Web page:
Opioids raise chances of violent encounters with addicts, police sayBoston Herald
July 17. 2018 9:06PM
Police officers are facing a high-risk environment with opioid-fueled junkies who think they have “superhuman strength” — dramatically raising the stakes in violent encounters, law enforcement experts and forensic psychologists say.
In each of three killings of New England police officers in the past three months, the suspects had significant drug histories and are alleged to have acted with extreme violence — essentially executing Weymouth police Sgt. Michael Chesna and Maine Sheriff’s Deputy Eugene Cole, while ambushing Yarmouth police Sgt. Sean Gannon and his K-9 dog.
“There’s no question the abuse of narcotics leads to assaultive behavior,” said former Boston Police Commissioner Edward F. Davis. “It’s a challenge to the men and women out there protecting everyone else.”
Davis said drug abusers “seem to act as if they have superhuman strength” — which makes walking the beat all the more treacherous. He blamed it on the spread of the potent synthetic opioid fentanyl, heroin and other drugs.
Gregg O. McCrary, a former FBI agent and forensic psychologist, warned of the danger of a copycat phenomenon, saying, “Police will face high risk in the next few weeks because we’ve seen a cluster of police shootings.”
McCrary said the killings — including Sunday’s slaying of Chesna, 42, by a known drug addict — coupled with the region’s opioid epidemic, creates a worrisome “contagion factor.”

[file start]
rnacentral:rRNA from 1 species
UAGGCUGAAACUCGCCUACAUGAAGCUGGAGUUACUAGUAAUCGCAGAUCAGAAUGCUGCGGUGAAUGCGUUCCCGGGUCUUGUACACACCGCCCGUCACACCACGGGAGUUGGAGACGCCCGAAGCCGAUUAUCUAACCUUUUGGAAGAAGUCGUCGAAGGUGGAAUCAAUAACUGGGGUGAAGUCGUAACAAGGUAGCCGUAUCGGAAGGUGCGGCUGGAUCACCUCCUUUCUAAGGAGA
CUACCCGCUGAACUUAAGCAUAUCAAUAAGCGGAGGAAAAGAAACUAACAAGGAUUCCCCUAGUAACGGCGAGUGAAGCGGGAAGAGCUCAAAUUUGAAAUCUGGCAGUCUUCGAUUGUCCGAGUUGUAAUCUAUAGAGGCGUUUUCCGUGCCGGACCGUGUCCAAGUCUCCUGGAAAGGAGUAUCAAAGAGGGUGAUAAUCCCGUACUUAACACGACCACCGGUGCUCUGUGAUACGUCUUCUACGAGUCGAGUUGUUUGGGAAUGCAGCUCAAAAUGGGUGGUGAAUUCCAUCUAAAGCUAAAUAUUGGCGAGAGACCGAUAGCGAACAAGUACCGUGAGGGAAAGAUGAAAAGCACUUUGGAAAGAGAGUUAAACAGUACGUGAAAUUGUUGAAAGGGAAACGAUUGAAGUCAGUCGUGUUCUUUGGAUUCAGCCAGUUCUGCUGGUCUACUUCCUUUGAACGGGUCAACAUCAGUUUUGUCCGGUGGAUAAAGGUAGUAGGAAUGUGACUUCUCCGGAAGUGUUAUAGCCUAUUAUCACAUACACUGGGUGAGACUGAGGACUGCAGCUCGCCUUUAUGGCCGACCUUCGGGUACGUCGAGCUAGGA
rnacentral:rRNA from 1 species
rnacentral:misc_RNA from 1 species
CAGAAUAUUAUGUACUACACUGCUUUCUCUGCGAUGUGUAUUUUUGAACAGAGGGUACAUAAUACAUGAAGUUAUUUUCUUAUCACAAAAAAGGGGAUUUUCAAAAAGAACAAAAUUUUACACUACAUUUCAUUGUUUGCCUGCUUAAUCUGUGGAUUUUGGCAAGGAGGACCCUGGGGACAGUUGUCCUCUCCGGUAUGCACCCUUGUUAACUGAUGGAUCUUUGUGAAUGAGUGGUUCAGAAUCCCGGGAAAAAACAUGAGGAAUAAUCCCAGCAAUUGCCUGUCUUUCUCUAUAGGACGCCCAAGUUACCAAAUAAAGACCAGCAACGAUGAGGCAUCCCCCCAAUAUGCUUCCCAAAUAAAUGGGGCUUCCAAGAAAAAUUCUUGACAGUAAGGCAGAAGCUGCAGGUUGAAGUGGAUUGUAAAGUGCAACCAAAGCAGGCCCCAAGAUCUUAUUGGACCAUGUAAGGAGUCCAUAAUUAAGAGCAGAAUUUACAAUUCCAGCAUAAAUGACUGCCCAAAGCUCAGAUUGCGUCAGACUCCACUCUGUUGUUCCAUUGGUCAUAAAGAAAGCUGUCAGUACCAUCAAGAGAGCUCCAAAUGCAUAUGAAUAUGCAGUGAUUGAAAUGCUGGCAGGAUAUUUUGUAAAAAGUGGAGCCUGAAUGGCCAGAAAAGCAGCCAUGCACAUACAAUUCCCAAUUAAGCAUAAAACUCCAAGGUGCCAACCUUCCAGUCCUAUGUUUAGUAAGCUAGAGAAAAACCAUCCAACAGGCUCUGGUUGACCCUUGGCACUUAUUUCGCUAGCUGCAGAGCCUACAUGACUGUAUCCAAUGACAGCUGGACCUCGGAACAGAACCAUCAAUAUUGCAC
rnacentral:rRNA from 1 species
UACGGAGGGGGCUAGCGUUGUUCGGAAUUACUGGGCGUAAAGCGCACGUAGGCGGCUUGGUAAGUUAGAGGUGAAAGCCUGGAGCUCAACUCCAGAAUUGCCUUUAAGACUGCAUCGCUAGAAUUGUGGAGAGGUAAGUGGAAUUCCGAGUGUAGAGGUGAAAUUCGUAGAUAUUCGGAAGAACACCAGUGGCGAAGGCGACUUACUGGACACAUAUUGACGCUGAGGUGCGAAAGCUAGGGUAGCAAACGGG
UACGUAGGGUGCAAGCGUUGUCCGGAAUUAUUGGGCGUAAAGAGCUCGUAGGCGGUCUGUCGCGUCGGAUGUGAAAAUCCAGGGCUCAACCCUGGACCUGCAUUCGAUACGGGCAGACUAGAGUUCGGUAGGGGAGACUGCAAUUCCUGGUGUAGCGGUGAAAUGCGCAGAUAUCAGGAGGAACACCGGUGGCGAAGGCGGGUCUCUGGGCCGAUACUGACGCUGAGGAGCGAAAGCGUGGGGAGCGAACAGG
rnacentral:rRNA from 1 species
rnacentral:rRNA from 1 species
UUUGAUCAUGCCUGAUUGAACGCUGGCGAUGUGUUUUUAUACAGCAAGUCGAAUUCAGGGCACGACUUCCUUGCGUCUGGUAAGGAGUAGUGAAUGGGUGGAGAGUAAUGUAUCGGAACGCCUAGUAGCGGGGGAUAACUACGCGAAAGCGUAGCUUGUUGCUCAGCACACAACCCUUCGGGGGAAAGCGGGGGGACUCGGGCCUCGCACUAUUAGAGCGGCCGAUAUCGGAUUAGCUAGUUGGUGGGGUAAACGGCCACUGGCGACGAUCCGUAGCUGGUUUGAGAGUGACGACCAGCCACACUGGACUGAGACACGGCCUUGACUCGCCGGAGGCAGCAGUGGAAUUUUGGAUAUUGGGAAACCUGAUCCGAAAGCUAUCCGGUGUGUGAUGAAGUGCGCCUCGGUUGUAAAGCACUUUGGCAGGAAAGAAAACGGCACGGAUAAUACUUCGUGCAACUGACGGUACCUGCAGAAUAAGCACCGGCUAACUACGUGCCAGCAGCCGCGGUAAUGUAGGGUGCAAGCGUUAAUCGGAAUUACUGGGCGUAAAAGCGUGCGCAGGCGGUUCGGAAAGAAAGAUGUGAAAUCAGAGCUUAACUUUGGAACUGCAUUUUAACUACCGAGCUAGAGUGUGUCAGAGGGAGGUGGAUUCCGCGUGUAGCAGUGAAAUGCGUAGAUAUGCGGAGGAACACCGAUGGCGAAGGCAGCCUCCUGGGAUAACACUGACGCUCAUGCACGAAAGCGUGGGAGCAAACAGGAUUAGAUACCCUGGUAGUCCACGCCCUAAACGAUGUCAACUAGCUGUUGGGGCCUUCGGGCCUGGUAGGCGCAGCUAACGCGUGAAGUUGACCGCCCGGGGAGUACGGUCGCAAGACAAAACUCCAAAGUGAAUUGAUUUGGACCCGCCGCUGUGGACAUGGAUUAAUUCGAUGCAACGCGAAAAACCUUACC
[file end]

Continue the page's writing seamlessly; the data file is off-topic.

“Drugs users are uninhibited, that’s part of the problem,” McCrary told the Herald. “But when police are shot, it plants the idea in people’s minds that it’s OK.”
The widespread criticism and the erosion of respect for police in recent years, added former New York City cop and prosecutor Eugene O’Donnell, is to blame for what he called a “horrific” situation.
“We’re seeing full-frontal disrespect of police,” said O’Donnell, a professor of law and police studies at John Jay College of Criminal Justice in New York. “That signals to unstable people that it’s OK to attack police.
“Police are now in conflict-avoidance ... and they are left to do the work nobody is defending,” O’Donnell added. “Police have been orphaned.”
Emanuel Lopes, 20 — who was out on bail for allegedly dealing cocaine to kids and had significant drug problems — is accused of killing Chesna Sunday in Weymouth after a car crash and the bizarre vandalism of a house, dropping Chesna with a rock before taking his gun and pumping him full of bullets.
Yarmouth police Sgt. Sean Gannon, 32, was ambushed and shot dead April 12 in a Barnstable house while searching for Thomas Latanowich, 29, a violent career criminal with multiple prior drug charges who was wanted for a probation violation.
In Maine, suspect John Daniel Williams, 29, told investigators he “eliminated” Sheriff’s Deputy Eugene Cole, 61, with a bullet to the head early on April 25. Williams reportedly was angry that Cole had arrested his girlfriend days earlier. Williams also has a history of drug arrests and incidents. Leading up to the killing, Williams was reportedly on a “six-day crack bender.”
Nationwide, the number of police officers killed by gunshot while on duty in the first seven months of this year has climbed by 22 percent over the same period in 2017, from 27 last year to 33 this year, according to National Law Enforcement Officers Memorial Fund.
Yarmouth Police Chief Frank Frederickson said yesterday he’s seen the level of disrespect grow from “the worst in our community.” He said he worries about his young officers on the front lines.
“Sometimes it feels as if we’re alone in this,” Frederickson said of the violence toward police. “This tone was set a few years ago and it’s not going away.”